# Difference between B and H in magnetic fields?

I'm confused between them. Can someone explain the difference between them? Is $\vec H$ field ONLY relevant during magnetization or demagnetization? $\vec H$ is just that value needed to magnetize/demagnetize or what is it useful for?

Is $\vec H$ only relevant to solenoids or magnets as well? Does it make sense to state a magnet has a field of $0.5T$ and a field strength $\vec H$ of $9\times10^5 A/m$?

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## 1 Answer

Look at the definition of $\vec{H}$. It is equal to $\vec{B}/\mu_0-\vec{M}$ with $\vec{M}$ the magnetization. Its main use comes from the fact that $\vec{\nabla}\times\vec{H}=\vec{J}_{free}$. Seeing as we are usually only able to accurately control free currents (as opposed to induced ones in the material), this formula is quite useful.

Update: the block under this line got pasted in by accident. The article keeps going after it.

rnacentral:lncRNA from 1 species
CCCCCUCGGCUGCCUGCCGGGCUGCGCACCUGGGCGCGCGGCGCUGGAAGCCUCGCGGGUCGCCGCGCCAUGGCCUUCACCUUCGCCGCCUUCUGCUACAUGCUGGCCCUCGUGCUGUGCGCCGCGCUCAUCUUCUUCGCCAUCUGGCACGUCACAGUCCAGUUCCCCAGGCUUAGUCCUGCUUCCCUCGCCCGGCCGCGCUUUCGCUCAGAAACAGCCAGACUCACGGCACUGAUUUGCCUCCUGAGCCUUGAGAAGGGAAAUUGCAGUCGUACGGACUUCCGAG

Note that, outside of a material (in the vacuum), $\vec{H}=\vec{B}/\mu_0$, so if you like you could use $\vec{H}$ in all of the equations where you'd normally use $\vec{B}$, getting rid of the usual factor $\mu_0$ that appears virtually always when dealing with magnetism. For a much more elaborate explanation, look at chapter 6 of Griffith's standard undergrad textbook.

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(you can write \vec{J}_\text{free} there, or \vec{J}_\mathrm{free}) –  NikolajK Nov 21 '13 at 10:19
@Danu I believe I'm starting to understand...B is usually used as the external field, and H being the field produced by a material. So, they all represent the magnetic field. –  M. A. A. Nov 21 '13 at 10:32
@Danu B & H exist at the same time? Is H considered to be a force? It's sometimes called magnetization force, if so is 9x10^5 A/m a lot? And could it be compared to normal force? –  M. A. A. Nov 21 '13 at 19:16
Why don't you work out what that would be in terms of a $\vec{B}$-field, taking into account the $1/\mu_0$? In terms of how to interpret $\vec{H}$, I'd say: work out its units! Check, for instance, whether it has the same units as force... –  Danu Nov 21 '13 at 19:32
@Danu Well, it's more a field than a force. Looking at the unit it shows that... H is noted magnetization force, but not sure why. What do you think? H is a field or a direct force? –  M. A. A. Nov 22 '13 at 6:33